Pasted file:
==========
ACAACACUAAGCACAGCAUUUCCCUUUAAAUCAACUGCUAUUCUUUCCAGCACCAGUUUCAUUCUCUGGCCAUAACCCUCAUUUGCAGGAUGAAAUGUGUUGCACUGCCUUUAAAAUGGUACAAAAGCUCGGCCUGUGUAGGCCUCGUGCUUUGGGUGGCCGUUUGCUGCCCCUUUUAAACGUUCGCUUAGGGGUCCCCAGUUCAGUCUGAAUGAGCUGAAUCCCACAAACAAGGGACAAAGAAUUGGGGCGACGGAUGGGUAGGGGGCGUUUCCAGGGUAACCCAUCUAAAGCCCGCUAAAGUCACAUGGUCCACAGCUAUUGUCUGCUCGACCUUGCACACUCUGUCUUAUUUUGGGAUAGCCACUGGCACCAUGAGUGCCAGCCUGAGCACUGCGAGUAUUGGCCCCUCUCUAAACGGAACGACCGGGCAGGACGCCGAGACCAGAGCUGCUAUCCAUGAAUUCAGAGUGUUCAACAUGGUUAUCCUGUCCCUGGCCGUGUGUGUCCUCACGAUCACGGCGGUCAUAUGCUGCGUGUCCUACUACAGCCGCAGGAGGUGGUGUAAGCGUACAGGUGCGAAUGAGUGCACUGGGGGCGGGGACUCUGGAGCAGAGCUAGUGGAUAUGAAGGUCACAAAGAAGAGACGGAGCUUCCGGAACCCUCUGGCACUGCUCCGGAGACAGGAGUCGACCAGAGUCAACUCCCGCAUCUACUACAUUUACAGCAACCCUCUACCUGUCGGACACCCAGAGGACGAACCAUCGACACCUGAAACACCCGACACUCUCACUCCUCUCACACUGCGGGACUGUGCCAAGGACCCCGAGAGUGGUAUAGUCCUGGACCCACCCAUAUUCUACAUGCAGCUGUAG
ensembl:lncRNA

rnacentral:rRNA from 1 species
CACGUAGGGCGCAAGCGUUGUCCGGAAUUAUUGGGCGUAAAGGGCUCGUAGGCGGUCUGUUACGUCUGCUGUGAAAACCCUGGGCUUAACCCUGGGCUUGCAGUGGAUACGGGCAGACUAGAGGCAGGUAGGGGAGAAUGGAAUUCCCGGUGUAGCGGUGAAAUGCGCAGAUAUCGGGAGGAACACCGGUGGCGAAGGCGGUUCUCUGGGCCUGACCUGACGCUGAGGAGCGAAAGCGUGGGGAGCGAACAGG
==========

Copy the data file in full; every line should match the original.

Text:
ACAACACUAAGCACAGCAUUUCCCUUUAAAUCAACUGCUAUUCUUUCCAGCACCAGUUUCAUUCUCUGGCCAUAACCCUCAUUUGCAGGAUGAAAUGUGUUGCACUGCCUUUAAAAUGGUACAAAAGCUCGGCCUGUGUAGGCCUCGUGCUUUGGGUGGCCGUUUGCUGCCCCUUUUAAACGUUCGCUUAGGGGUCCCCAGUUCAGUCUGAAUGAGCUGAAUCCCACAAACAAGGGACAAAGAAUUGGGGCGACGGAUGGGUAGGGGGCGUUUCCAGGGUAACCCAUCUAAAGCCCGCUAAAGUCACAUGGUCCACAGCUAUUGUCUGCUCGACCUUGCACACUCUGUCUUAUUUUGGGAUAGCCACUGGCACCAUGAGUGCCAGCCUGAGCACUGCGAGUAUUGGCCCCUCUCUAAACGGAACGACCGGGCAGGACGCCGAGACCAGAGCUGCUAUCCAUGAAUUCAGAGUGUUCAACAUGGUUAUCCUGUCCCUGGCCGUGUGUGUCCUCACGAUCACGGCGGUCAUAUGCUGCGUGUCCUACUACAGCCGCAGGAGGUGGUGUAAGCGUACAGGUGCGAAUGAGUGCACUGGGGGCGGGGACUCUGGAGCAGAGCUAGUGGAUAUGAAGGUCACAAAGAAGAGACGGAGCUUCCGGAACCCUCUGGCACUGCUCCGGAGACAGGAGUCGACCAGAGUCAACUCCCGCAUCUACUACAUUUACAGCAACCCUCUACCUGUCGGACACCCAGAGGACGAACCAUCGACACCUGAAACACCCGACACUCUCACUCCUCUCACACUGCGGGACUGUGCCAAGGACCCCGAGAGUGGUAUAGUCCUGGACCCACCCAUAUUCUACAUGCAGCUGUAG
ensembl:lncRNA

rnacentral:rRNA from 1 species
CACGUAGGGCGCAAGCGUUGUCCGGAAUUAUUGGGCGUAAAGGGCUCGUAGGCGGUCUGUUACGUCUGCUGUGAAAACCCUGGGCUUAACCCUGGGCUUGCAGUGGAUACGGGCAGACUAGAGGCAGGUAGGGGAGAAUGGAAUUCCCGGUGUAGCGGUGAAAUGCGCAGAUAUCGGGAGGAACACCGGUGGCGAAGGCGGUUCUCUGGGCCUGACCUGACGCUGAGGAGCGAAAGCGUGGGGAGCGAACAGG